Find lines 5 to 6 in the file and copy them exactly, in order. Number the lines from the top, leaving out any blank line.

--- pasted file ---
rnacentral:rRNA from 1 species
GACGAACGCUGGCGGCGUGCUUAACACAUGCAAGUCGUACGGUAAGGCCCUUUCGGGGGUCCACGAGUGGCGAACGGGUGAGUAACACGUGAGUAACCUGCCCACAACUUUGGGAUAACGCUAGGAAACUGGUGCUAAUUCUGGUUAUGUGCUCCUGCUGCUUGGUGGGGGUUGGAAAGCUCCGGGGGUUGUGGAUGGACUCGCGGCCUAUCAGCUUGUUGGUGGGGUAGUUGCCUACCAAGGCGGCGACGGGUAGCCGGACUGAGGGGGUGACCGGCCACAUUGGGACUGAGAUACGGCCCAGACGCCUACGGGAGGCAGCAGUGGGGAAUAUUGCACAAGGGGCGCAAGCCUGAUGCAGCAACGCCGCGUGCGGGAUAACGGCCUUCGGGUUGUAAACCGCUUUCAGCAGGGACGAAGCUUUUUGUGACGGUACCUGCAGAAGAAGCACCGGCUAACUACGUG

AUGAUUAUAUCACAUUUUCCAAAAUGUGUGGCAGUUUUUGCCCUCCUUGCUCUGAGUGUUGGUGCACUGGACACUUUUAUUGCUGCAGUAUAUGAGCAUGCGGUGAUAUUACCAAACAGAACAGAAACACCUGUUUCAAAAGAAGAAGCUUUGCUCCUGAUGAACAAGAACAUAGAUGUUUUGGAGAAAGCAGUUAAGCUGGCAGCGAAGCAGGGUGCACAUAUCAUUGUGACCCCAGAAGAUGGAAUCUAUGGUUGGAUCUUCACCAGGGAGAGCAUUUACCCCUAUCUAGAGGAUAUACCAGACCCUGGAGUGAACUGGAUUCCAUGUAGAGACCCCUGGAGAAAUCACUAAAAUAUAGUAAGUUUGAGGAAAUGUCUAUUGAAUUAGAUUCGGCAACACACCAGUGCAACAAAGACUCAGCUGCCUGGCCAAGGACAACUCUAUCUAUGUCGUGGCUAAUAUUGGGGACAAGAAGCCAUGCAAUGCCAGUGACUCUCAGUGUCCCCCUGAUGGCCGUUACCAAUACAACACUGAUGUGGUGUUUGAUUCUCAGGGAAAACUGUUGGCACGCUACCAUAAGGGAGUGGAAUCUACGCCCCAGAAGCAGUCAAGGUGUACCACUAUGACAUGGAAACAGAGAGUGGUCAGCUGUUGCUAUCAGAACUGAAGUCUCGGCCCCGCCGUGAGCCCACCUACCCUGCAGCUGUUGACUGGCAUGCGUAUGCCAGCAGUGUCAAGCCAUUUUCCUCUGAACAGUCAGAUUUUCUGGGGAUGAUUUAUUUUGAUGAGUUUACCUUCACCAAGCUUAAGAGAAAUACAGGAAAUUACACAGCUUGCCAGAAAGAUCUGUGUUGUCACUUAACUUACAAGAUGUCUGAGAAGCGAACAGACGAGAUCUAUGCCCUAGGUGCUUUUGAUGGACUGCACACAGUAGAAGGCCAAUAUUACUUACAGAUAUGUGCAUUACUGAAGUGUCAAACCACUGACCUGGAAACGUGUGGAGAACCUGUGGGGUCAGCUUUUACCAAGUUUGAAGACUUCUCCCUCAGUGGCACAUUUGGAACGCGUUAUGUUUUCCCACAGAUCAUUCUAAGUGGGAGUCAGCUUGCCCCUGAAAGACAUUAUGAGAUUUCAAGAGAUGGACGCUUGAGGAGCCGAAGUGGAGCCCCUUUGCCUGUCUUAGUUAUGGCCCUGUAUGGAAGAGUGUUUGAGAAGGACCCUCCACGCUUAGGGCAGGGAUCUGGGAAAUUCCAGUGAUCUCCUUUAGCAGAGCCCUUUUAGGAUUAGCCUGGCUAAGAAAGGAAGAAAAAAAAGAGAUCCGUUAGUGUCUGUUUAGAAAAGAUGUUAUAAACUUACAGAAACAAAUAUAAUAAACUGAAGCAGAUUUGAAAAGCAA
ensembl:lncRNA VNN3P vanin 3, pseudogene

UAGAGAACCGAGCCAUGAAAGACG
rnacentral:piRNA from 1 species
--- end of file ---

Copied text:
UAGAGAACCGAGCCAUGAAAGACG
rnacentral:piRNA from 1 species